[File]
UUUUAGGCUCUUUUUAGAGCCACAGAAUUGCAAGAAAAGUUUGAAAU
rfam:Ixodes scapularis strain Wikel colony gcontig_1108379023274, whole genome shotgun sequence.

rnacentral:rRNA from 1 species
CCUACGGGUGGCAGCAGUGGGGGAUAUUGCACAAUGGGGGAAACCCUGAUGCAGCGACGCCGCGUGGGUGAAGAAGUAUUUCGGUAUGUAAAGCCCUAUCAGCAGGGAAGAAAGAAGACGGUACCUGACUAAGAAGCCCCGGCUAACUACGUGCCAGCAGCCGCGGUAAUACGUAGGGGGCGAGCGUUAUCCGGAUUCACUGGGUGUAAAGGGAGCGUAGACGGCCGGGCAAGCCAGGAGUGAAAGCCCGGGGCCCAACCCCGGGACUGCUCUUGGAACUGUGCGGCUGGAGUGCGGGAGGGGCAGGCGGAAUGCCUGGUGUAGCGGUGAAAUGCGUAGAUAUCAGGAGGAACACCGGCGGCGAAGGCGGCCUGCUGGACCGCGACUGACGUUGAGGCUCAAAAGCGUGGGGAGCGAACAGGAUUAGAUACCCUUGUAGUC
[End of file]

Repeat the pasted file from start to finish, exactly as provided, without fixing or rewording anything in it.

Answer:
UUUUAGGCUCUUUUUAGAGCCACAGAAUUGCAAGAAAAGUUUGAAAU
rfam:Ixodes scapularis strain Wikel colony gcontig_1108379023274, whole genome shotgun sequence.

rnacentral:rRNA from 1 species
CCUACGGGUGGCAGCAGUGGGGGAUAUUGCACAAUGGGGGAAACCCUGAUGCAGCGACGCCGCGUGGGUGAAGAAGUAUUUCGGUAUGUAAAGCCCUAUCAGCAGGGAAGAAAGAAGACGGUACCUGACUAAGAAGCCCCGGCUAACUACGUGCCAGCAGCCGCGGUAAUACGUAGGGGGCGAGCGUUAUCCGGAUUCACUGGGUGUAAAGGGAGCGUAGACGGCCGGGCAAGCCAGGAGUGAAAGCCCGGGGCCCAACCCCGGGACUGCUCUUGGAACUGUGCGGCUGGAGUGCGGGAGGGGCAGGCGGAAUGCCUGGUGUAGCGGUGAAAUGCGUAGAUAUCAGGAGGAACACCGGCGGCGAAGGCGGCCUGCUGGACCGCGACUGACGUUGAGGCUCAAAAGCGUGGGGAGCGAACAGGAUUAGAUACCCUUGUAGUC